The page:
Swanson: Overton, K9 Mitchell Examples Of Why Animal Abuse Laws Should Be More Severe



MAYVILLE – Chautauqua County District Attorney Patrick Swanson said the animal abuse case against Jamestown man Robert Overton, Jr. is just one example of why the animal abuse laws should be amended.

“Quite frankly, coming off the heels of the Overton case, with the dog killing that we had in Jamestown, I think that (amending laws) is long overdue,” Swanson said during a one-on-one interview Friday with WNYNewsNow. “The state laws that surround the death and killing of a domestic animal probably need to be amended. It’s time to change those laws, to make them a little more severe than they are.”

“I think it surprised a lot of people in learning that the outcome of that case only resulted in a year in County Jail and, under that law, a pretty severe penalty, but that law is particularly weak.”



Overton plead guilty in January to a charge of aggravated animal cruelty, a Class E felony that falls under New York State’s Markets and Agricultural Law. Under the law, the maximum possible sentence is two years in county jail. Overton was committed to a sentence of one year, minus credit for time served, in Chautauqua County Jail.

“It probably needs to be treated, or brought in line, with E felonies and D felonies in this state,” Swanson said. A Class E felony involves charges such as criminally negligent homicide, which carries a punishment of up to 1 1/3-4 years, indeterminate, in state prison.

Chautauqua County’s top prosecutor said that the failed passing of Mitchell’s Law also serves as a disappointment for him. Mitchell’s Law, which would make injuring a police animal while in the line of duty a felony, was proposed by New York State Senator Catharine Young in 2017. The law is named after Jamestown Police Department K-9 Mitchell, who was seriously injured while trying to apprehend Keith Robbins, the man who eventually plead guilty to first-degree manslaughter in the 2016 shooting death of wife, Shari.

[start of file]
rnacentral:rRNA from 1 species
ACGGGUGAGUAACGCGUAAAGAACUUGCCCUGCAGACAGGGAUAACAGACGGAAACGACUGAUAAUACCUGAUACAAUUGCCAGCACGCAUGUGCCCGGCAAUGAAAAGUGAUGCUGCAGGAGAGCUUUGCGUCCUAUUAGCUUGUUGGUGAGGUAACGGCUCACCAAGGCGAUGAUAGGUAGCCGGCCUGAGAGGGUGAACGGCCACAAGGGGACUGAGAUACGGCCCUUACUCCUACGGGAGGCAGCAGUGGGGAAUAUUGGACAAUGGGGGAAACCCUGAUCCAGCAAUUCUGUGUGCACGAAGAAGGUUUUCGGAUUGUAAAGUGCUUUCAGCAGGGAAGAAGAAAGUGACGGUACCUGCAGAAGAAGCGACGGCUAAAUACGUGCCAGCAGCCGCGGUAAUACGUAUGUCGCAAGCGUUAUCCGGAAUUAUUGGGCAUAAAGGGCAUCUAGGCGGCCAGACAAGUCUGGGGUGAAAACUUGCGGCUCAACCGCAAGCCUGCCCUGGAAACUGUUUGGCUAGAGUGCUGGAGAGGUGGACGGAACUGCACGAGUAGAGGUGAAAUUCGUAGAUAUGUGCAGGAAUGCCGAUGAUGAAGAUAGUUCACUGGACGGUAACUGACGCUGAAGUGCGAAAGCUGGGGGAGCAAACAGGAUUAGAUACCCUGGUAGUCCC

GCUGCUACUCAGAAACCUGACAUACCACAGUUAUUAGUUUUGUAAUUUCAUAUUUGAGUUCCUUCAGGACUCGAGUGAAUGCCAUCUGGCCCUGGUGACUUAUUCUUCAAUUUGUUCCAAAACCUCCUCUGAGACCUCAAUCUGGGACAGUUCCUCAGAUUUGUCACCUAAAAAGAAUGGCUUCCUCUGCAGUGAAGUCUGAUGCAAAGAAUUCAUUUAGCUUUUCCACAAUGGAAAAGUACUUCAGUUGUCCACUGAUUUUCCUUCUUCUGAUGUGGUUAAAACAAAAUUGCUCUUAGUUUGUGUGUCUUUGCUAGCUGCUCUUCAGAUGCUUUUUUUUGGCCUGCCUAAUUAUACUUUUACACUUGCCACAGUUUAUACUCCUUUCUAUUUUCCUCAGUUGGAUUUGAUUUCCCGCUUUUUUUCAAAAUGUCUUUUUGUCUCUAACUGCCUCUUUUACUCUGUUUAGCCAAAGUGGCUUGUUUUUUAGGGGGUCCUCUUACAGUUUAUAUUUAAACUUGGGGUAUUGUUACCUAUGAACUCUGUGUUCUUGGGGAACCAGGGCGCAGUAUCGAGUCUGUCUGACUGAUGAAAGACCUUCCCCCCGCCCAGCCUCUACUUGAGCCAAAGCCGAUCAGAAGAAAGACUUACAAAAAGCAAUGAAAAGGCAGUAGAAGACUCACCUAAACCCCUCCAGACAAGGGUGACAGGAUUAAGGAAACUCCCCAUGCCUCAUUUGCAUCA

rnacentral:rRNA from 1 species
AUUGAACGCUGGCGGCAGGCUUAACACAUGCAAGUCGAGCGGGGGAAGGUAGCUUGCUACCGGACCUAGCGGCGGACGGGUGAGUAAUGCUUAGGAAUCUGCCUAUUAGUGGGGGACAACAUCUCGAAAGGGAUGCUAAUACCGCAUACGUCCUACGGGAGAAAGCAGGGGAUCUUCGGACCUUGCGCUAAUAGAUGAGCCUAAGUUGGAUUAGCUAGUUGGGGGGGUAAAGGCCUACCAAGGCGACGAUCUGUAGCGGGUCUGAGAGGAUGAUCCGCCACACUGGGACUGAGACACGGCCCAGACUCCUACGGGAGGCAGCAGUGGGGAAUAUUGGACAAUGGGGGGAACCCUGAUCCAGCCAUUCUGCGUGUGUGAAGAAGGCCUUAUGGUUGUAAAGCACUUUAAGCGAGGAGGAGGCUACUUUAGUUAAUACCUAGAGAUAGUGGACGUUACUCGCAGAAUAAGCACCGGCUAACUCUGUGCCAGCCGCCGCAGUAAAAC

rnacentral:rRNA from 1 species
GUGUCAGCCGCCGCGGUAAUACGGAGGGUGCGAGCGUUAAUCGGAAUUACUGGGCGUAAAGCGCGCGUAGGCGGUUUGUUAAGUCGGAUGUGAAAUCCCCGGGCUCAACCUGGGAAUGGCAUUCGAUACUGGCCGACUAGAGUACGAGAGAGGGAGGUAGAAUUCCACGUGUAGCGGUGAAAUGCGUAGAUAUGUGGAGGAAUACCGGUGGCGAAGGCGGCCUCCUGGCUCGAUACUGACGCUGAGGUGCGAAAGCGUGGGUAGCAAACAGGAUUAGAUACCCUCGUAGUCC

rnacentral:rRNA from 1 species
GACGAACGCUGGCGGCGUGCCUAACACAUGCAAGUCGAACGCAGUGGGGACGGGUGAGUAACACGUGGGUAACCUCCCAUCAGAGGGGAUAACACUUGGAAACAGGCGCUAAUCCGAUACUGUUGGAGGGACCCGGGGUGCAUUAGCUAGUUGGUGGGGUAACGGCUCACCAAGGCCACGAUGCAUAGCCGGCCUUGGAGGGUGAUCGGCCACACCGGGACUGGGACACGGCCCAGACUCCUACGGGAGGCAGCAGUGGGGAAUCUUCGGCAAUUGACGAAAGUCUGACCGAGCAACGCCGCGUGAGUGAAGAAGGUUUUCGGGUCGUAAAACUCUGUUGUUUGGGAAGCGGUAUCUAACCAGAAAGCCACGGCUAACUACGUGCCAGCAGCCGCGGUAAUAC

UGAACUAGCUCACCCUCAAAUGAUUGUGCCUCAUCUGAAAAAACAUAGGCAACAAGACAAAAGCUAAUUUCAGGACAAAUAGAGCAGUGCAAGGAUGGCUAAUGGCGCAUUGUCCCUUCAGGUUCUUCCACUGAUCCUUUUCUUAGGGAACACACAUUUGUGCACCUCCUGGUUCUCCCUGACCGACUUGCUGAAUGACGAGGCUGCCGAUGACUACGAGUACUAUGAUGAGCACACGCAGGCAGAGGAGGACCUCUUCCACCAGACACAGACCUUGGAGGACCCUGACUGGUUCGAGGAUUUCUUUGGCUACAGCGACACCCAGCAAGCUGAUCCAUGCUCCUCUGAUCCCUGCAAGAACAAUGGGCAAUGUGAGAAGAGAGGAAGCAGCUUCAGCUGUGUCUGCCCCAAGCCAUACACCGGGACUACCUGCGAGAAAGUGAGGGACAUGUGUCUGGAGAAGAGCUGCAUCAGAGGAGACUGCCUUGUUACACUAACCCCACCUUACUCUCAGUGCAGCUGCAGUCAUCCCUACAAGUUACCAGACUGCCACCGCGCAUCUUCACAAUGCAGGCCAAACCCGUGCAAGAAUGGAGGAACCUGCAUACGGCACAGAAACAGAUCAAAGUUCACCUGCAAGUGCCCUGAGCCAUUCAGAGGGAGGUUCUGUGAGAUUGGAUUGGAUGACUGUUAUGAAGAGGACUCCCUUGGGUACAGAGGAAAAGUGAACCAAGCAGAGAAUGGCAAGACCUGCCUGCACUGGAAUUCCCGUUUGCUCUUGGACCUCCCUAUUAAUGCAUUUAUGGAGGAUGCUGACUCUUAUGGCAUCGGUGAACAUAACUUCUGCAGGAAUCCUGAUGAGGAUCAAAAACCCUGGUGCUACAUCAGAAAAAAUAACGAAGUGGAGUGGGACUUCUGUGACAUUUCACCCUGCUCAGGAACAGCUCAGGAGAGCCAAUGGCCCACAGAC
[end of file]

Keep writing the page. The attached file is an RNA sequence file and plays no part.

According to the New York State Senate website, the Senate passed the law in both 2017 and 2018. However, the Assembly failed to pass the law both times.

“My hope is that (an animal abuse subcommittee) will take that and champion that law, again, in hopes of passing a law protecting our police service dogs,” Swanson stated.

Swanson, who sits on the New York State Association of District Attorney’s Board of Directors, said a recommendation was made during a recent Association conference in New York City to create a subcommittee of prosecutors who would examine the current animal abuse laws. The subcommittee was created by a unanimous vote from all 62 members of the Association.

“I’m interested to see what they come up with after they start holding meetings,” Swanson said. “I’m optimistic. It was encouraging to know that everyone in the association kind of shares the same concerns that they’re seeing more animal abuse, and they want to treat it more severely.”

The District Attorney said that he is aware that other prosecutors have spoken with members of the State Legislature.

“I don’t think it would be much of a surprise if our association comes forward with some proposed legislation on how to make those (animal abuse) cases more severe,” Swanson said. “I think the natural and easy fix would be to move domestic animal killings and abuse out of the Agricultural and Market Law and into the Penal Law with a new Penal Law section that encompasses domestic animals and, in Mitchell’s Law case, ideally, police animals as well.”

“My hope is that something gets done. I don’t think anybody is asking that people be sent to prison for longer than they are for causing the death of a human, given the facts and circumstances, but what I do suspect is that when people learn that killing a domestic animal only carries a maximum sentence of two years in county jail, I think for many people, including myself, think that punishment is not as high or severe as it should be.”

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